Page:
November 11, 2018


The Death of Europe: Two Classic Films and the Great War (Mark Malvasi, 11/11/18, Imaginative Conservative)

Emphasizing the primacy of human relationships over class identity and national antagonism, La Grande Illusion offers both a hopeful and a pessimistic vision; it is at one elegiac and tragic. Although war has shattered European civilization, Renoir maintains that people are still capable of treating each other with decency and compassion. There is no need to make enemies in war. Shared values and a common humanity are bonds stronger than politics and nationality. At the same time, the film rails against human folly, which is often animated and exaggerated by nationalist hatreds and the will to power. However artificial they may be, the divisions of class and nationality are real, and not easily overcome.

The narrative focuses on the plot of French prisoners of war to escape the fortress-prison in which the Germans have incarcerated them. The camp is a microcosm of Europe. The attempt requires cooperation among men of different nations, classes, and religions; Russians, English, and French, Orthodox, Protestant, Jewish, and Catholic must work together to achieve a common goal. The commandant, the aristocrat Hauptmann von Rauffenstein, treats his charges more as guests than as captives. He is an old-fashioned gentleman who believes that the prisoners will not try to escape since they have given their word not to do so. A former pilot, von Rauffenstein has fractured his spine in a crash. Symbolizing the condition to which the war has reduced the European aristocracy, von Rauffenstein's body is held together by a brace. He is a broken man.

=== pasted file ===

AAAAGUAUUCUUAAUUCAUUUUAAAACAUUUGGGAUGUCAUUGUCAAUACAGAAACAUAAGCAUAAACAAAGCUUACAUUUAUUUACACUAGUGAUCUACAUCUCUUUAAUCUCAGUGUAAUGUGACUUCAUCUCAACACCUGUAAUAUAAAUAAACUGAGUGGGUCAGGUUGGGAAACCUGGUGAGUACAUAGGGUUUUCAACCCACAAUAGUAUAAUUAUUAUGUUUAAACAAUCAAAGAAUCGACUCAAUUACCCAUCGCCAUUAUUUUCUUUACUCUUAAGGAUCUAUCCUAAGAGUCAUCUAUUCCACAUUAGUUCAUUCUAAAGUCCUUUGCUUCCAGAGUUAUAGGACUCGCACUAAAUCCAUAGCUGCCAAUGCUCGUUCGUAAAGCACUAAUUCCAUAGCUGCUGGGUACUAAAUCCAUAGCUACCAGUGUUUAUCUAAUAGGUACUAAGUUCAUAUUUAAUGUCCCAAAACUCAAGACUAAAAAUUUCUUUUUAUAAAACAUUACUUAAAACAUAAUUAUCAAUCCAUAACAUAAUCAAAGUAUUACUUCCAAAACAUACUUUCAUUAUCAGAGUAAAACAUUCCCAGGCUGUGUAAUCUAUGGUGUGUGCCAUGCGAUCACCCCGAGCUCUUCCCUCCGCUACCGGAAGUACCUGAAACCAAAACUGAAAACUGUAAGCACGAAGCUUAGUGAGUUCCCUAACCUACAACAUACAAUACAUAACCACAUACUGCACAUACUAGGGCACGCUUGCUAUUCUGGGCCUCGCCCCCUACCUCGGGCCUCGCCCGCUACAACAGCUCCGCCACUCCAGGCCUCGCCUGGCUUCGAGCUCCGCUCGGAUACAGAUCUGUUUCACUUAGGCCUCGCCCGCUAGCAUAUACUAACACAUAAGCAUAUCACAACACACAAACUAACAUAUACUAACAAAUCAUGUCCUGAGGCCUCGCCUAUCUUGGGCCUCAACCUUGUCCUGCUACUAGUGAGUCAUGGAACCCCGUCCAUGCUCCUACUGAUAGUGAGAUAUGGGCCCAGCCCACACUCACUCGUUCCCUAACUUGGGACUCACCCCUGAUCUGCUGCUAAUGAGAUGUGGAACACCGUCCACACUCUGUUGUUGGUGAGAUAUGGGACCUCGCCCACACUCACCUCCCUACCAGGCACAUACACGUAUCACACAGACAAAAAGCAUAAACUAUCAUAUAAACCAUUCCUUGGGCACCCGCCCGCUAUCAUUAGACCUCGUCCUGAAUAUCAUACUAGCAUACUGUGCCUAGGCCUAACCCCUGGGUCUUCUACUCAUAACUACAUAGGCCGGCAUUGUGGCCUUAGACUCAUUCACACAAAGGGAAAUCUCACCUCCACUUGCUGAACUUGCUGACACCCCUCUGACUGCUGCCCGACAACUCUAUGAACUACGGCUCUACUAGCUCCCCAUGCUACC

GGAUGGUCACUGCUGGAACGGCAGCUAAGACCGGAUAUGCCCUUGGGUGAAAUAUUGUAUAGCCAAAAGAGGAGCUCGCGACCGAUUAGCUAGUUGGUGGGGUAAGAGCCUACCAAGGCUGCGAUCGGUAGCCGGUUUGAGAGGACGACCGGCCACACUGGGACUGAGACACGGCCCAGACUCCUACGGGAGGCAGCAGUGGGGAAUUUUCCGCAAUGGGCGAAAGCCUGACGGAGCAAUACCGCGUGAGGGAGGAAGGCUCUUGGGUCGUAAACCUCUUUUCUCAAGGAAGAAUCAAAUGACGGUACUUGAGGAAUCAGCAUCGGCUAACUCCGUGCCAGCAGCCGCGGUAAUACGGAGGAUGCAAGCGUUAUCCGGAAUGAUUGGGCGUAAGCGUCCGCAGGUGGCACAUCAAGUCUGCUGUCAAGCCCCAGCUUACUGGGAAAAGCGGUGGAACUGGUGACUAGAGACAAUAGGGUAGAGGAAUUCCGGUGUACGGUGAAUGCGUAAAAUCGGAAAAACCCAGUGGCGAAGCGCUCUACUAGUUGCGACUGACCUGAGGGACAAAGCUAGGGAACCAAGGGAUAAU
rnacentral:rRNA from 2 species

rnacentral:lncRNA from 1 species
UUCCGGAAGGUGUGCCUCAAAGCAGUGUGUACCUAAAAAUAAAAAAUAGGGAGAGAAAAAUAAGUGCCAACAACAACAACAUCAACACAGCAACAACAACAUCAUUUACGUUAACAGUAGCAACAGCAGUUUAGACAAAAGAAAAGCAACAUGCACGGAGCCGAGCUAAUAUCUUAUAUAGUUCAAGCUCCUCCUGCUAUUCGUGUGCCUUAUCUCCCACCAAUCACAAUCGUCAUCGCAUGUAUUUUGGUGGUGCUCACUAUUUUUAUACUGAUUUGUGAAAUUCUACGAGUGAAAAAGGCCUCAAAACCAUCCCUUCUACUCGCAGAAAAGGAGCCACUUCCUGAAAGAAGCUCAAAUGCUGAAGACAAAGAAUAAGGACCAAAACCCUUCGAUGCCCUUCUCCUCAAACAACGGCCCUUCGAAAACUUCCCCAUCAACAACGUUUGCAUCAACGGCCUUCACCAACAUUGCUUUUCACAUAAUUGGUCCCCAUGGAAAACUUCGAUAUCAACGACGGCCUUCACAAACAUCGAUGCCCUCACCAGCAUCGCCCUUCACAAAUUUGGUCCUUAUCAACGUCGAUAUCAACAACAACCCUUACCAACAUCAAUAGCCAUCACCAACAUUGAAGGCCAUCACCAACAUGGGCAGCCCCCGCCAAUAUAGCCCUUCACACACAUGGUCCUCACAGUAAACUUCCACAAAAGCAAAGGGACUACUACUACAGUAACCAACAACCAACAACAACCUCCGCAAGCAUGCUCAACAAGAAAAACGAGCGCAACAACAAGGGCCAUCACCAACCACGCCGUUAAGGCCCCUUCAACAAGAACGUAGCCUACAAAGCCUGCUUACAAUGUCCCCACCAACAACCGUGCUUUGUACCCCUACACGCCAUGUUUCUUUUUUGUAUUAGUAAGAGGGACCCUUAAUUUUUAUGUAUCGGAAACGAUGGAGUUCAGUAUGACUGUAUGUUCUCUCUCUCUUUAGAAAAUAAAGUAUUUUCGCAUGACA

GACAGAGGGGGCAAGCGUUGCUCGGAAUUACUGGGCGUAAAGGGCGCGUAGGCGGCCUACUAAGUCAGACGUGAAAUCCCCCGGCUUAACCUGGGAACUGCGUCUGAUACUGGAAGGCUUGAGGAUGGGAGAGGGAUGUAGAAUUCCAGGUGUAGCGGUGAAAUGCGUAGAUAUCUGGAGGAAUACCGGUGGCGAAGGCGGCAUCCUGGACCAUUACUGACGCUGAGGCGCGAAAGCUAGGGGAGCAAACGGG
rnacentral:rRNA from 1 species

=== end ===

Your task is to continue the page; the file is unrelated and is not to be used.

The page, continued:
His counterpart, whom he befriends, is the French aristocrat, le Captaine de Boledieu. Von Rauffenstein and Boldieu share ideals, values, and code of conduct. They even have common acquaintances. Moving effortlessly between languages, they speak to each other at some times in German, at other times in French, and even, on occasion, in English. A man of refined tastes and cosmopolitan sensibilities, von Rauffenstein is beguiled not by a strident German nationalism, but by the sentimental illusion--only one of many that Renoir tried to dispel--of gentlemanliness and chivalry, which the war has destroyed. His sense of honor, civility, and friendship are as much casualties of war as the wounded and the dead. Not cynical but more realistic, de Boldieu knows better. "Neither you nor I can stop the march of time," he tells von Rauffenstein. De Boldieu understands that the world now belongs to the commoners. It changed hands not, as von Rauffenstein thinks, with the French Revolution, but when the gentlemen who ruled Europe abandoned their principles and declared war on one another. The old order may be dying, but for de Boldieu it is the aristocracy that bears most of the responsibility for killing it.

A more venal pair of aristocrats are Generals Paul Mireau and George Broulard in Stanley Kubrick's Paths of Glory (1957), based on the Canadian writer Humphrey Cobb's novel.[4] Banned from being shown in France until 1975, Paths of Glory is loosely based on the Battle of Verdun, which Renoir also referenced in La Grande Illusion. But unlike Renoir's film, in Paths of Glory there is an expansive disparity between those who take orders and those who give them. The military hierarchy recapitulates the social hierarchy that held sway in peacetime. Examining those differences, the film becomes a meditation on injustice.